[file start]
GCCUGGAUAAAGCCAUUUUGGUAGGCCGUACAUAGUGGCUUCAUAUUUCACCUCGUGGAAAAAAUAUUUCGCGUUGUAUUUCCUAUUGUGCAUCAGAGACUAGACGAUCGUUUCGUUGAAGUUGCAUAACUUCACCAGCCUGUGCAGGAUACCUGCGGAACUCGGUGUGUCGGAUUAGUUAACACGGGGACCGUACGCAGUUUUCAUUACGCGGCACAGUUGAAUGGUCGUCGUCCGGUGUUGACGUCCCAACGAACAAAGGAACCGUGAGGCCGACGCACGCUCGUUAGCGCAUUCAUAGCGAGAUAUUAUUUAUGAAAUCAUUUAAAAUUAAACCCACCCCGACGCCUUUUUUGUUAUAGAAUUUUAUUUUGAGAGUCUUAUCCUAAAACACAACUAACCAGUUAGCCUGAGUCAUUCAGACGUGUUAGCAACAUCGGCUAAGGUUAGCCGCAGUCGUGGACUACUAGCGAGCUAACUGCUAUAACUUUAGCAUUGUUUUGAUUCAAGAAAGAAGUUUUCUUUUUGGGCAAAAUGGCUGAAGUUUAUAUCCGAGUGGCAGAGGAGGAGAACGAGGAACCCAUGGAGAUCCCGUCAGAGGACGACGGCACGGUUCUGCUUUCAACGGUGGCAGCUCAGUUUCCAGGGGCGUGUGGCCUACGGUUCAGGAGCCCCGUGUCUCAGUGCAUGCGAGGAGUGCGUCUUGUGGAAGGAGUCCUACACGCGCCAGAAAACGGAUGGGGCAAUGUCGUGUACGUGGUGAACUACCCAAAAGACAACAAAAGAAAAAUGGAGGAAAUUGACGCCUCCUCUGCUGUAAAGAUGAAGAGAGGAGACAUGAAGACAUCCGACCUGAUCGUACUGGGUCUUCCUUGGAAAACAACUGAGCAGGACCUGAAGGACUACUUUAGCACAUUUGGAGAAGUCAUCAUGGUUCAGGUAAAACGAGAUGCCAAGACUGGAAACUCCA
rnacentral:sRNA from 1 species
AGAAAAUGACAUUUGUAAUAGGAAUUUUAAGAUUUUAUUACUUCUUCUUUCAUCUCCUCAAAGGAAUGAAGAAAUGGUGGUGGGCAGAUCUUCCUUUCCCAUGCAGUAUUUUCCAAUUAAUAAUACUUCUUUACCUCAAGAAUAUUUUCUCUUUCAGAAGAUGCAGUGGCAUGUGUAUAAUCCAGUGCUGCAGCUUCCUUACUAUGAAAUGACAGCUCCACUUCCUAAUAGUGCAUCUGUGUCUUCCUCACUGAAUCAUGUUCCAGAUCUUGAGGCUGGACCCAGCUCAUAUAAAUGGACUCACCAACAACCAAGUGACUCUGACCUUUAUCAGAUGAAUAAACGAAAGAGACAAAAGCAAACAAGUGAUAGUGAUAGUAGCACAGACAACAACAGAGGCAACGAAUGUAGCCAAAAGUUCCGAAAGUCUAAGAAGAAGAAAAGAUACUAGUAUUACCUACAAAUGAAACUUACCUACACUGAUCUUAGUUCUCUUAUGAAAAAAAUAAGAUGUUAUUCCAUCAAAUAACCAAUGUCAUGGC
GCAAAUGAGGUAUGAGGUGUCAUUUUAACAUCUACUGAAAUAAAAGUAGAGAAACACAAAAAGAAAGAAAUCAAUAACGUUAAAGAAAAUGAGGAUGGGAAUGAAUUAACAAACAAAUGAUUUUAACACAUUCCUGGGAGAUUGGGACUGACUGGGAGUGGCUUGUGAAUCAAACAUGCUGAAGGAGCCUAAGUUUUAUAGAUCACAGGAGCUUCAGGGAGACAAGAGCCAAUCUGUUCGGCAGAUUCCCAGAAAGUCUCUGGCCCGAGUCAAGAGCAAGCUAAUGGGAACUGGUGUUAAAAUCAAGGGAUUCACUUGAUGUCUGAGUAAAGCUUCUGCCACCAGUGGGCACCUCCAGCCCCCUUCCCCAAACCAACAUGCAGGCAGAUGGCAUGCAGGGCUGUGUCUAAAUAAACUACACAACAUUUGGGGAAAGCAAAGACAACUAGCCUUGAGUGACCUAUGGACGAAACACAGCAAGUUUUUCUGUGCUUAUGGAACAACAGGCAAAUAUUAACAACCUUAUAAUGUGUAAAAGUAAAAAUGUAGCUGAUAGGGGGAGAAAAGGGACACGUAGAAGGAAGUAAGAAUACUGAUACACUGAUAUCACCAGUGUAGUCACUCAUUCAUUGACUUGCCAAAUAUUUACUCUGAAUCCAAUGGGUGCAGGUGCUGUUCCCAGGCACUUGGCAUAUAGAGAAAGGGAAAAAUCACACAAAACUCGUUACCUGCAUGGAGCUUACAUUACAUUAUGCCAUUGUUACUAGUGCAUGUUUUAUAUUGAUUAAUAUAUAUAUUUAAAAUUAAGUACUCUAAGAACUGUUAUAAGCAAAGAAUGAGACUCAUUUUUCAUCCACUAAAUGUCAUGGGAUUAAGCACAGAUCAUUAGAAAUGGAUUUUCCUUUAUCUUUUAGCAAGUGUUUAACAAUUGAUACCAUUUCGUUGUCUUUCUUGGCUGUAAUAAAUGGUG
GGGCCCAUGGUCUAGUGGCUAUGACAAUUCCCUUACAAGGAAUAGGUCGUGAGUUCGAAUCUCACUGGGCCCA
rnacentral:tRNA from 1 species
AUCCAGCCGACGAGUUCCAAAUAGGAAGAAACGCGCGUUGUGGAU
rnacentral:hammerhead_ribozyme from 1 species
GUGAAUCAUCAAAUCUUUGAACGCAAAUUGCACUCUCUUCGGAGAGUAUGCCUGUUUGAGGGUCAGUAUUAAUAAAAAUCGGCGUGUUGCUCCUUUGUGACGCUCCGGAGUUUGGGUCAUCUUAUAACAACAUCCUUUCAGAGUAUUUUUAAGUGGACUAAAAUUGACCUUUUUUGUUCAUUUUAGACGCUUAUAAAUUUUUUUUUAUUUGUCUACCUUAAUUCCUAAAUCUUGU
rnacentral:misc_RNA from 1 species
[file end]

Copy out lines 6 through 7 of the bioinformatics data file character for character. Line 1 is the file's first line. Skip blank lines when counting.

rnacentral:tRNA from 1 species
AUCCAGCCGACGAGUUCCAAAUAGGAAGAAACGCGCGUUGUGGAU